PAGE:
Smith Hill Chronicles
Smith Hill Chronicles
In the “Deep South” of the United States, where I grew up, we enjoy quite a few words and phrases which were acquired from ancestral languages, and derived through generational “devolution”. By that I mean; a parent from Scotland uses a word or phrase from the homeland, but the child may be taught the old language; probably not. They only know it's meaning by context.
But, they grow up, and because of “familial association” they continue using the word or phrase in the context they THOUGHT was correct, but may or may not have been correct.
THEN, the next generation comes along, having no idea of the origin, or the proper pronunciation...but they do their best. After a couple more generations, it is almost unrecognizable from the original.
Here is an example:
Around the turn of the twentieth century, rural farmers had no commercial fertilizers such as we have today, they had to rely on manure/compost from their own farms, or they could buy, “Guano” which is a Spanish word for Bat droppings. This term became generic for “bird droppings” as a major industry developed around gathering, packaging and selling bird droppings harvested from islands in the sea where only birds had lived for thousands of years.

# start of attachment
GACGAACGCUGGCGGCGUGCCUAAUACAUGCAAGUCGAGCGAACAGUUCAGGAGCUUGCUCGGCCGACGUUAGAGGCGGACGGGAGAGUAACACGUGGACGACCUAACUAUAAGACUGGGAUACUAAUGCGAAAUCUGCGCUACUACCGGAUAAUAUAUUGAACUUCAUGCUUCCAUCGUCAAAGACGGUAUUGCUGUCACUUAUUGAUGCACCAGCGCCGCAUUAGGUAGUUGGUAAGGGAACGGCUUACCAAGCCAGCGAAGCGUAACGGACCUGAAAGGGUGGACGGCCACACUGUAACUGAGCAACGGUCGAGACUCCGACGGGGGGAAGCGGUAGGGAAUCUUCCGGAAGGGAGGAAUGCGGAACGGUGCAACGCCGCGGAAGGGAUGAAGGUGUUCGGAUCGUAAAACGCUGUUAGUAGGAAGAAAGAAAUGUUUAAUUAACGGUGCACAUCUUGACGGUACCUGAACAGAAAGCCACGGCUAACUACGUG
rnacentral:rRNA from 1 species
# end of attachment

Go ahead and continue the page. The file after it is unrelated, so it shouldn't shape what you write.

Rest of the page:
“Guano” became synonymous with “fertilizer”, and it's pronunciation had devolved, so that by the time I came along in 1955, long after no living person had actually USED “guano” for fertilizer, a farmer might be heard to say:
"I gotta go git some Geu-AN-er ( sounds like You AN er) for my fields". Another colloquial use of this was to say:
“That boy sure has growed up fast; what'd you do? Put Gue-AN-er in his shoes”?
Soooo....I recently saw a video, about a Spanish/Latino phrase: “La Chancla” which refers to a Latino Mother's ability to throw her shoe, as a correctional tool in child rearing.
I checked on the actual meaning of the word, and there isn't an official one, it always means some sort of shoe (which in Spanish is “Zapata”)
In the South, another colloquialism, and it may be peculiar to my area, was to use the word “Chunk” to mean “throw”.
Chunk normally means a piece of something, usually a large piece: “I want me a chunk of that cake”
WE, however, would say:”chunk me that pillow” (meaning THROW me that pillow); “I'm gonna CHUNK you over my shoulder and Chunk you in the river”
Therefore, I propose, that “LaChancla” (a thrown shoe) got shortened to Chancla, then mispronounced as “chunk” (to throw) ha ha ha.....what do you think?
About the author:
I write poetry, which I hope is inspirational.
I am also a working musician, in that I am an old guy who is still making money working and playing music.
I've been playing now for 51 yrs
These days I mainly play for older folks in Nursing Home, Assisted Living and Retirement Communities, plus the occasional party or wedding.